Ham breakfast turns into debate on health care law

LOUISVILLE, Ky. (AP) — Sen. Mitch McConnell and Gov. Steve Beshear squared off in a spirited debate about the federal health care law Thursday at the Kentucky Country Ham Breakfast.

Beshear predicted that the law will work in Kentucky to expand coverage and fight chronic health problems. He accused the law’s critics of spending more time seeking its repeal than striving to improve public health.

Seated a few feet away when the Democratic governor made the comments were two of the law’s outspoken Republican critics: McConnell and Sen. Rand Paul.

McConnell, the Senate’s top-ranking Republican, responded by blaming the health care law championed by President Barack Obama for driving up health insurance premiums and spurring employees to turn full-time workers into part-time help.

“So, governor, the solution to ‘Obamacare’ is to pull it out root and branch,” McConnell said.

The debate over the Affordable Care Act took place during the Kentucky Farm Bureau’s annual Country Ham Breakfast, an event that draws a cross-section of the state’s most influential people in politics, education, business and agriculture.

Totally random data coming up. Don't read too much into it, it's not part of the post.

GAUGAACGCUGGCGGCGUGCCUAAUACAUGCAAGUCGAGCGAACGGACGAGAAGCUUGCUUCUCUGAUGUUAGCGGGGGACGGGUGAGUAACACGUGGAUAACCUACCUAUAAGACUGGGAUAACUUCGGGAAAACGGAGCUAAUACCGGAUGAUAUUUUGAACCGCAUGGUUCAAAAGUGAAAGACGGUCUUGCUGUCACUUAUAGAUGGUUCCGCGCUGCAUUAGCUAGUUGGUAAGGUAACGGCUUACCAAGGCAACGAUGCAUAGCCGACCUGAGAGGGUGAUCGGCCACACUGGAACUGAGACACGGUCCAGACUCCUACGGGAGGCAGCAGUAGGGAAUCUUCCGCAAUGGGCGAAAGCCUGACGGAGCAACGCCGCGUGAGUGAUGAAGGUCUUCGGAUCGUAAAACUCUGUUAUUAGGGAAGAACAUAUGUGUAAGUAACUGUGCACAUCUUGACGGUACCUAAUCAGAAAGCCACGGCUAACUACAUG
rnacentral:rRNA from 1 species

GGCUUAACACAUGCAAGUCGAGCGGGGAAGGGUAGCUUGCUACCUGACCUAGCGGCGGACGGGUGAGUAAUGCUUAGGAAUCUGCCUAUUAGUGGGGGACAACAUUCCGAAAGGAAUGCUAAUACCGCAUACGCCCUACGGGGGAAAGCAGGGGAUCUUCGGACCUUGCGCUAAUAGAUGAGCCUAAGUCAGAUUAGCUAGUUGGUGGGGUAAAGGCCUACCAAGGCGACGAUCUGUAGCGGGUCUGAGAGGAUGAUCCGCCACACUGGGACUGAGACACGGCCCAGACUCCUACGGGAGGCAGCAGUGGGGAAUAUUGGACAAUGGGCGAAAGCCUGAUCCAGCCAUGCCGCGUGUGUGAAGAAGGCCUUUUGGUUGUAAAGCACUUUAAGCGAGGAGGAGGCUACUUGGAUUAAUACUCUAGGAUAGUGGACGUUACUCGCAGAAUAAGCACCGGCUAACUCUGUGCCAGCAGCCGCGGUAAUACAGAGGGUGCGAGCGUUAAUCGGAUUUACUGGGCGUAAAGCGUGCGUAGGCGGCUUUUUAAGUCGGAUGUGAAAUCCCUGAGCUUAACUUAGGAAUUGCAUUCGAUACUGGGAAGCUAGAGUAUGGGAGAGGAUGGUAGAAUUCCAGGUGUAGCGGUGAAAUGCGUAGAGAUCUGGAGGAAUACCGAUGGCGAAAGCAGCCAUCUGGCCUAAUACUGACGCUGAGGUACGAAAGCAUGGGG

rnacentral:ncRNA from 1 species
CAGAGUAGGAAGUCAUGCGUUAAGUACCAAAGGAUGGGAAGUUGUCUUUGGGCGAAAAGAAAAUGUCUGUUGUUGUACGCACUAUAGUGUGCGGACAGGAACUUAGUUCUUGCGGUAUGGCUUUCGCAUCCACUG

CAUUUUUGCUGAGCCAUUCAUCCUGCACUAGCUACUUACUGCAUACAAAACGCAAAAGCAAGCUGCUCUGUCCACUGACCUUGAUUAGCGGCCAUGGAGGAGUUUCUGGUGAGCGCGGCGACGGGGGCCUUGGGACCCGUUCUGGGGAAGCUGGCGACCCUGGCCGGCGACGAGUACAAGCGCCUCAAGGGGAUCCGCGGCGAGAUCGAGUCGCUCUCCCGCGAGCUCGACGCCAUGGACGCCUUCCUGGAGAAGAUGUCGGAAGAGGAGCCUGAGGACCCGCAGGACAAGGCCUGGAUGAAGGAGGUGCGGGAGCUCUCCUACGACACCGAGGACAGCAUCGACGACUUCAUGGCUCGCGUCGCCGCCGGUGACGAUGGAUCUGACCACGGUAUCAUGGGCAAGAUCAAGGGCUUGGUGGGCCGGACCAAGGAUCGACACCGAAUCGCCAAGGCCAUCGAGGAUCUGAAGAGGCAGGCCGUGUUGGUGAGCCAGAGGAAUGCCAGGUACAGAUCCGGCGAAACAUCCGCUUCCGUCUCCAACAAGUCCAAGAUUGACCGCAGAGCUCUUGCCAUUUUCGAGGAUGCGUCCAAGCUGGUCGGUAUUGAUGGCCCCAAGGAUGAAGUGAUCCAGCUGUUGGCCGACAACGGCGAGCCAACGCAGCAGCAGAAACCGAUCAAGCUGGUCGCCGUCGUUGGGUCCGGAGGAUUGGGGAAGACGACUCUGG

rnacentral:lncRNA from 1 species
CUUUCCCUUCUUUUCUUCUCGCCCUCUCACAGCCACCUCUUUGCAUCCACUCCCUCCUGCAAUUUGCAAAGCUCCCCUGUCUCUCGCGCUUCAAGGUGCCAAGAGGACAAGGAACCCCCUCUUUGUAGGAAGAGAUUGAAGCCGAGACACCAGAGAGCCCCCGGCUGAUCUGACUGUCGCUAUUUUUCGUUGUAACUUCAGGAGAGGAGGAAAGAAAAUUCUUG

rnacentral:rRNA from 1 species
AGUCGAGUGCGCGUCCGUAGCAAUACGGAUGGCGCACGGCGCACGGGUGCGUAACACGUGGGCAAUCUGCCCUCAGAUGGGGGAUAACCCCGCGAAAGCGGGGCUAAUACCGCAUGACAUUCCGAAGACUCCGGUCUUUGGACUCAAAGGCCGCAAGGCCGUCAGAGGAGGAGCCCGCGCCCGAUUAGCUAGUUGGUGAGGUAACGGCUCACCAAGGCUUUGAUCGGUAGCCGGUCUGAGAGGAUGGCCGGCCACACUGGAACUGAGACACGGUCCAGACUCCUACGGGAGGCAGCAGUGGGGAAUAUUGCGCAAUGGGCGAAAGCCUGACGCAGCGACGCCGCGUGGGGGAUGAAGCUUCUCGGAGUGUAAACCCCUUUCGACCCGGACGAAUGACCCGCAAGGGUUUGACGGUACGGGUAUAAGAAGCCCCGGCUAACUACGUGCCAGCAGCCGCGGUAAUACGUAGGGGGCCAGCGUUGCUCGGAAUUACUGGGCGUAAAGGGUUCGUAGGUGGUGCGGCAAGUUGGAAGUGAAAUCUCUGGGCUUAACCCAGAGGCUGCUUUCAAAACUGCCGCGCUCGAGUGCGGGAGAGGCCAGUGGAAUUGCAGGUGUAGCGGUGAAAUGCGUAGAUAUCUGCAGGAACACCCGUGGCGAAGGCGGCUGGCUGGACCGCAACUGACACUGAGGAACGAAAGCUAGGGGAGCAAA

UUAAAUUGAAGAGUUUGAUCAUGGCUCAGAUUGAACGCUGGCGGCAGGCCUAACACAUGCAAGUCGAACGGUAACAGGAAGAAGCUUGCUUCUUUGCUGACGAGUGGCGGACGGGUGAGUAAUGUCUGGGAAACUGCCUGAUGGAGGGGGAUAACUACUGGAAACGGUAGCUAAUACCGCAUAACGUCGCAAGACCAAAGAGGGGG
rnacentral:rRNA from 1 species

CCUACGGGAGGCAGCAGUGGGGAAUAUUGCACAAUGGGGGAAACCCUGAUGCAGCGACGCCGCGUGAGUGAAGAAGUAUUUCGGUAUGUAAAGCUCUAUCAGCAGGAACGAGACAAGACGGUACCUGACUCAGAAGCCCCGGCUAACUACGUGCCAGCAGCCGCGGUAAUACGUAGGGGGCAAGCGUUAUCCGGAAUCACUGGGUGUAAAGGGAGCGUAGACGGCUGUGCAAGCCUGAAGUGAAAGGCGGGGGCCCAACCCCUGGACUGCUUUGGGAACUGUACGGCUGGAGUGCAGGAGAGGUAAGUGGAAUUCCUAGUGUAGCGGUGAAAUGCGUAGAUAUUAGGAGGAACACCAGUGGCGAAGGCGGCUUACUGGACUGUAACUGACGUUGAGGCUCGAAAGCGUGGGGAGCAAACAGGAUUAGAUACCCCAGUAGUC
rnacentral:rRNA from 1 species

Beshear spoke first, noting that about 640,000 Kentuckians lack health coverage in a state with high rates of cancer deaths, heart disease and diabetes.

“The Affordable Care Act is our historic opportunity to address this weakness and to change the course of the future,” he said.

Last year, Beshear ordered the creation of the Kentucky Health Benefit Exchange to help arrange insurance coverage for hundreds of thousands of uninsured Kentuckians. The exchange, an outgrowth of the health care law, is set to begin open enrollment Oct. 1 and starts operation Jan. 1.

Beshear also decided to expand Kentucky’s Medicaid program to cover an additional 300,000 people, most of them the working poor who lack insurance coverage.

The governor said the health care law will inject billions of dollars into Kentucky’s economy and create jobs. He then took aim at the law’s critics.

“It’s amazing to me how people who are pouring time and money and energy into trying to repeal the Affordable Care Act sure haven’t put that kind of energy into trying to improve the health of Kentuckians,” he said.

Paul later scoffed at Beshear’s claims that the health care law will produce a multi-billion-dollar windfall for Kentucky’s economy.

“From where? From the Federal Reserve, which is already sitting at minus-$17 trillion dollars?” he asked. “Anybody who says something’s free and I’m going to bring it to Kentucky, it costs nothing, I’m going to help everyone, they’ll be a chicken in every pot — it’s not free. There are consequences to this.”

Paul, a potential GOP presidential candidate in 2016, said the nation’s job growth is lackluster because “our country is drowning in debt.”

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